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Oil Prices Hover Near Year-Highs as OPEC Mulls Output Freeze

Shaybah oil field development in Saudi Arabia's Al-Rub al-Khali desert

AFP via Getty Images

Oil prices remained stuck around the $80-a barrel mark Thursday as a decision by the U.S. administration to release up to 50  million barrels of strategic reserves in a bid to push down gas prices faltered.

And some officials from Organization of the Petroleum Exporting Countries (OPEC) warned that the release of reserves by big oil consumer nations would only add to the glut forecast in the first half of next year.

Brent crude oil, the international benchmark, was broadly stable Thursday at $81 a barrel. Prices had fallen to $79 on news of the U.S. release, but recovered quickly thereafter. West Texas Intermediate was down 0.2% to $78.2 a barrel.

Markets seemed instead to be waiting for the OPEC meeting scheduled on Dec. 2, when the organization and its allies – such as Russia – will decide whether or not to keep the moderate output increase they agreed on earlier this year.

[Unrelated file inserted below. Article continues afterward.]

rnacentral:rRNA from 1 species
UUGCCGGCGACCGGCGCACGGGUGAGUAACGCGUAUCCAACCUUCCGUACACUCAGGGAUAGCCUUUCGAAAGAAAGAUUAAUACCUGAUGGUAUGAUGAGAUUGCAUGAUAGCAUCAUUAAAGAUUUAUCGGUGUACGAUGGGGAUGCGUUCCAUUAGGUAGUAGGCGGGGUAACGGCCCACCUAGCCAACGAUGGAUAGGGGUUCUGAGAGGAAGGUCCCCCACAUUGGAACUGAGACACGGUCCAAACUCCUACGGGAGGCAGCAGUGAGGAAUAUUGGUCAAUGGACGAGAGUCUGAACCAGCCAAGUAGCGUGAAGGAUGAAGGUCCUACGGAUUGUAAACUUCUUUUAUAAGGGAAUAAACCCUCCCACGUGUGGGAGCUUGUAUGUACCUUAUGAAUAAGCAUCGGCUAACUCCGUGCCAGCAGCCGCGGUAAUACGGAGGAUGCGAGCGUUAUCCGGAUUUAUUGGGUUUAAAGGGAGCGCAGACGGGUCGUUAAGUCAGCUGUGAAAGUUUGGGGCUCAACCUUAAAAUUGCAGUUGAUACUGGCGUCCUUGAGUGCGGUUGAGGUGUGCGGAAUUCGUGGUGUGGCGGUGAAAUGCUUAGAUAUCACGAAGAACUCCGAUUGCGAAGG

According to the Wall Street Journal, Saudi Arabia, OPEC’s leading member, as well as Russia are considering a pause in the gradual increase – by 400,000 barrels a month – to help prevent a fall in prices, if output indeed outpaces demand at some point next year.

OPEC is divided on the matter – with some members, such as the United Arab Emirates and Kuwait eager to keep increasing production.

What complicates matters, both for the producers and consumers of oil, is the persistent uncertainty over the economic impact of another wave of the pandemic – such as currently witnessed in Europe.

If it leads to more severe restrictions or lockdowns than those currently envisioned, the impact on economic activity might be significant, lowering the demand for oil. That is the cloud OPEC will have to try to see through at its meeting next week.